• Harford County eighth-grade students explore science and engineering as part of the fifth annual Technology Needs Teens program at Harford Community College on May 24, 2012.

The Aberdeen Proving Ground STEM Education and Outreach Center will be ready in late May 2013.

    APG to launch centralized STEM education center

    Harford County eighth-grade students explore science and engineering as part of the fifth annual Technology Needs Teens program at Harford Community College on May 24, 2012. The Aberdeen Proving Ground STEM Education and Outreach Center will be ready...

  • Renovations began on Building 4508, which was previously used for Soldier barracks, in January and are scheduled for completion by March 31. The APG STEM Education and Outreach Center will be ready in late May 2013.

    APG to launch centralized STEM education center

    Renovations began on Building 4508, which was previously used for Soldier barracks, in January and are scheduled for completion by March 31. The APG STEM Education and Outreach Center will be ready in late May 2013.

ABERDEEN PROVING GROUND, Md. -- Maryland students will soon have a unified APG facility at which to explore the world of science and engineering with Army professionals.

The APG STEM Education and Outreach Center will be ready in late May, said Dr. Sandy Young, an Army Research Laboratory materials engineer. She is coordinating the project with ARL laboratory operations and other science, technology, engineering and mathematics outreach offices on APG.

Young said the SEOC will allow multiple APG tenant organizations to pool their resources to benefit students' experiences in science and engineering. The facility will accommodate up to 200 students.

ARL initiated the idea for the STEM center in August 2011 and began enlisting the assistance of other APG tenants in spring 2012.

"Many STEM programs have outgrown the singular concepts of individual organizations. The best way to move forward is with collaborative efforts, especially in tighter budget times," Young said. "You want to get as many people involved with a multitude of backgrounds and have a centralized location.

"We need a place where the scientists and engineers from the labs can go over and work with the students. That's what makes it unique. Students are working with Army scientists and engineers who have real-life experiences they can share."

Renovations began on Building 4508, which was previously used for Soldier barracks, in January and are scheduled for completion by March 31. Furniture and scientific equipment will then be installed in April.

Based on the U.S. Army Educational Outreach Program initiatives that APG organizations currently support, just the first floor of the three-story building is undergoing construction.

The STEM facility will house open classroom space; laboratories for computers, chemistry and biology experiments, and electronics; metal and wood shops; and a robotics staging area. The Army has equipment that is functionally similar for students to use but is less expensive than that used in real-world research laboratories.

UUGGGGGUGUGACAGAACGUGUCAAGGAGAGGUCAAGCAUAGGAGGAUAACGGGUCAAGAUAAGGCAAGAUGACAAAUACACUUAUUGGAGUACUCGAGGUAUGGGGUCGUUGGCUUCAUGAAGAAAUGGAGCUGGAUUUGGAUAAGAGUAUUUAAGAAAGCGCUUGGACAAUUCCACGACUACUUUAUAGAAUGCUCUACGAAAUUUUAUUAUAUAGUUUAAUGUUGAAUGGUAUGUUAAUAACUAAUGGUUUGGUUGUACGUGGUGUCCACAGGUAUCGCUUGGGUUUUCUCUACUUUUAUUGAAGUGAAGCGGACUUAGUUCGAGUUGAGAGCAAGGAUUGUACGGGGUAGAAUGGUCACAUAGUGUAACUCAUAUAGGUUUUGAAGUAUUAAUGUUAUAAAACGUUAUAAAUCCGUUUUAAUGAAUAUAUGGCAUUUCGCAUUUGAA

Louie Lopez, chief of STEM education outreach at the U.S. Army Research, Development and Engineering Command, said the center will benefit the Army's national and local programs that bring students into the laboratory for interaction with scientists and engineers.

"The center will further enhance our regional STEM efforts with Harford and Cecil counties and across Maryland," Lopez said.

RDECOM provides technical oversight of AEOP and leads Team APG STEM efforts.

Army scientists and engineers confront several obstacles when they bring students to their facilities for STEM events, Young said. The issues include requiring escorting, not being able to use Wi-Fi in laboratories, and removing sensitive projects as well as dangerous materials such as chemical or biological agents and explosives.

The new SEOC will help alleviate many of these concerns, she said.

"We've been talking for years about the issues with having students in working lab space. You want them to have real laboratory experiences, but there are hazardous chemicals and materials around because we are doing work for the Army," Young said. "Even if you have small quantities of certain materials, which is what is allowed in a lab building, you still prefer students not to be around these materials."

Young said she expects the center to be busy with STEM activities during the summer and on evenings and weekends during the school year. In addition to the SEOC's primary focus on STEM education outreach, it will also have flex space available to APG organizations on a fee basis for meetings and trainings.

APG is converting Building 4503, the former Dining Facilities Administration Center, into a STEM Café that will open this summer on a limited basis for students to purchase food.

Organizations that initially contributed funding to the facility are the U.S. Army Research, Development and Engineering Command; Army Test and Evaluation Command; ARL; Communications Electronics Research, Development and Engineering Center; and Edgewood Chemical Biological Center. Other APG tenants can still contribute money toward the SEOC.

Page last updated Wed February 20th, 2013 at 00:00